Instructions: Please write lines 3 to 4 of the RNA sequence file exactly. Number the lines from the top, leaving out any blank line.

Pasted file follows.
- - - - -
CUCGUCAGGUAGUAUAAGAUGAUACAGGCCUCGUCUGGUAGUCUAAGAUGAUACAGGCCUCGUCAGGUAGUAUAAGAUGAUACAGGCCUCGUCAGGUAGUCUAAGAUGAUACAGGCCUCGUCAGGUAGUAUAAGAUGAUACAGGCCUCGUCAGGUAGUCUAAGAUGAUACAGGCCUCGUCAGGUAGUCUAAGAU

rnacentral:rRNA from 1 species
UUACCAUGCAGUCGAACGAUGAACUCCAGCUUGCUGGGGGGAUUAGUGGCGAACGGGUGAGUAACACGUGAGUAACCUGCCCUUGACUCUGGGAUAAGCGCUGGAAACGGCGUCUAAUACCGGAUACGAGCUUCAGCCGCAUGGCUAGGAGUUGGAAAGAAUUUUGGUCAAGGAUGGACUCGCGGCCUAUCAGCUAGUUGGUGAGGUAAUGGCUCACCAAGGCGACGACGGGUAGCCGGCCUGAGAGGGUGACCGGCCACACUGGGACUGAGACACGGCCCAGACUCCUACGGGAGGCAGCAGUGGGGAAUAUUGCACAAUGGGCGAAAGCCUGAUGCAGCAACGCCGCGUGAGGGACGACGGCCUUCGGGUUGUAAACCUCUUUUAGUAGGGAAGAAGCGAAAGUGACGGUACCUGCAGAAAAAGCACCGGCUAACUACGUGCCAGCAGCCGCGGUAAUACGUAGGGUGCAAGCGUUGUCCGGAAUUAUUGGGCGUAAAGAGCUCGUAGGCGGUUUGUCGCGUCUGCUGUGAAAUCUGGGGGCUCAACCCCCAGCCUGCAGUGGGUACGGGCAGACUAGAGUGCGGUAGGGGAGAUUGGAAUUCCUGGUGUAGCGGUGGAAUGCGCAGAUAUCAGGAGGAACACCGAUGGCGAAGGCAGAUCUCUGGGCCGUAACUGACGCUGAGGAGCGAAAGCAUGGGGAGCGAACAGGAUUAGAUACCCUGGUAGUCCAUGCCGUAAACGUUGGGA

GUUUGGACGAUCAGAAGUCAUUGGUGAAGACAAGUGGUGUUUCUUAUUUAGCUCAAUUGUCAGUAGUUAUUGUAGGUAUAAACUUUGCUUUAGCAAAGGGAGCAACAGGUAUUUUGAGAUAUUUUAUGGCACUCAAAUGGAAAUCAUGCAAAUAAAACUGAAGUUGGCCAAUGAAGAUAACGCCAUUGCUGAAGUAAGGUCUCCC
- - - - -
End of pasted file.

UUACCAUGCAGUCGAACGAUGAACUCCAGCUUGCUGGGGGGAUUAGUGGCGAACGGGUGAGUAACACGUGAGUAACCUGCCCUUGACUCUGGGAUAAGCGCUGGAAACGGCGUCUAAUACCGGAUACGAGCUUCAGCCGCAUGGCUAGGAGUUGGAAAGAAUUUUGGUCAAGGAUGGACUCGCGGCCUAUCAGCUAGUUGGUGAGGUAAUGGCUCACCAAGGCGACGACGGGUAGCCGGCCUGAGAGGGUGACCGGCCACACUGGGACUGAGACACGGCCCAGACUCCUACGGGAGGCAGCAGUGGGGAAUAUUGCACAAUGGGCGAAAGCCUGAUGCAGCAACGCCGCGUGAGGGACGACGGCCUUCGGGUUGUAAACCUCUUUUAGUAGGGAAGAAGCGAAAGUGACGGUACCUGCAGAAAAAGCACCGGCUAACUACGUGCCAGCAGCCGCGGUAAUACGUAGGGUGCAAGCGUUGUCCGGAAUUAUUGGGCGUAAAGAGCUCGUAGGCGGUUUGUCGCGUCUGCUGUGAAAUCUGGGGGCUCAACCCCCAGCCUGCAGUGGGUACGGGCAGACUAGAGUGCGGUAGGGGAGAUUGGAAUUCCUGGUGUAGCGGUGGAAUGCGCAGAUAUCAGGAGGAACACCGAUGGCGAAGGCAGAUCUCUGGGCCGUAACUGACGCUGAGGAGCGAAAGCAUGGGGAGCGAACAGGAUUAGAUACCCUGGUAGUCCAUGCCGUAAACGUUGGGA

GUUUGGACGAUCAGAAGUCAUUGGUGAAGACAAGUGGUGUUUCUUAUUUAGCUCAAUUGUCAGUAGUUAUUGUAGGUAUAAACUUUGCUUUAGCAAAGGGAGCAACAGGUAUUUUGAGAUAUUUUAUGGCACUCAAAUGGAAAUCAUGCAAAUAAAACUGAAGUUGGCCAAUGAAGAUAACGCCAUUGCUGAAGUAAGGUCUCCC